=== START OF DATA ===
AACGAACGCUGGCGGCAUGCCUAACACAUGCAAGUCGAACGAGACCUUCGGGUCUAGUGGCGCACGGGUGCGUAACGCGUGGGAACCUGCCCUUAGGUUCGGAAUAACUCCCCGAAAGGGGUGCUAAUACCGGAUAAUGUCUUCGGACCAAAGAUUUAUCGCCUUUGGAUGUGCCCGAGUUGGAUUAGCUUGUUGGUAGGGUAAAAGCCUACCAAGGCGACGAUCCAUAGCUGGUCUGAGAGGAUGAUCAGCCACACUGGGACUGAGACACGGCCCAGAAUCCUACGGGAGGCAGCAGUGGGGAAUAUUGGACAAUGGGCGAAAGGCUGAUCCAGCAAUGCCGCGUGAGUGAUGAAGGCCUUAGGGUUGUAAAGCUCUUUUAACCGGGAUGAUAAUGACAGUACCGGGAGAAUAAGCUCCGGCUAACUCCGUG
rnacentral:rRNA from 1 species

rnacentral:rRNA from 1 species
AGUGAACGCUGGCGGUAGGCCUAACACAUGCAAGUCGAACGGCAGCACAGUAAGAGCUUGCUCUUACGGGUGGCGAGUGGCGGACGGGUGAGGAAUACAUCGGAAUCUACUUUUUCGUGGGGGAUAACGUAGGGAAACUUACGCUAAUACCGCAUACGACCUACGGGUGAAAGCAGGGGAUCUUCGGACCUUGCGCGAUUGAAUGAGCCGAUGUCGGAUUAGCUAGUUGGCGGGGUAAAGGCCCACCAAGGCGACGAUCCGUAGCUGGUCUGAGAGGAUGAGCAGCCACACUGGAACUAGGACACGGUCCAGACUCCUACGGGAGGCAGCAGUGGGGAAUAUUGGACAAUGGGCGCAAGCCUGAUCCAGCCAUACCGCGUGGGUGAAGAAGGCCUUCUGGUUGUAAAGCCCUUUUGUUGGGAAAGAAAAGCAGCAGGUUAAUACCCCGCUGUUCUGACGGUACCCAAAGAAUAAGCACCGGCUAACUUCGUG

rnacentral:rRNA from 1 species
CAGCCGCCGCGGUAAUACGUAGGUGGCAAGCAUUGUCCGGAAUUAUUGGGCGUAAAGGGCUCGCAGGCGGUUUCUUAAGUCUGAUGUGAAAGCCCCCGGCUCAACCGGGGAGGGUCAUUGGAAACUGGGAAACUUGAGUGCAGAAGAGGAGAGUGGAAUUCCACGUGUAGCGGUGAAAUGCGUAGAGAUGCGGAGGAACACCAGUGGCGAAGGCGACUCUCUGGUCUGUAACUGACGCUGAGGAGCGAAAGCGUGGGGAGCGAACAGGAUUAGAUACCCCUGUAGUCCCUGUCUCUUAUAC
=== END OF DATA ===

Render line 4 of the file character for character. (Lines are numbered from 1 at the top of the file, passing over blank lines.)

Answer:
AGUGAACGCUGGCGGUAGGCCUAACACAUGCAAGUCGAACGGCAGCACAGUAAGAGCUUGCUCUUACGGGUGGCGAGUGGCGGACGGGUGAGGAAUACAUCGGAAUCUACUUUUUCGUGGGGGAUAACGUAGGGAAACUUACGCUAAUACCGCAUACGACCUACGGGUGAAAGCAGGGGAUCUUCGGACCUUGCGCGAUUGAAUGAGCCGAUGUCGGAUUAGCUAGUUGGCGGGGUAAAGGCCCACCAAGGCGACGAUCCGUAGCUGGUCUGAGAGGAUGAGCAGCCACACUGGAACUAGGACACGGUCCAGACUCCUACGGGAGGCAGCAGUGGGGAAUAUUGGACAAUGGGCGCAAGCCUGAUCCAGCCAUACCGCGUGGGUGAAGAAGGCCUUCUGGUUGUAAAGCCCUUUUGUUGGGAAAGAAAAGCAGCAGGUUAAUACCCCGCUGUUCUGACGGUACCCAAAGAAUAAGCACCGGCUAACUUCGUG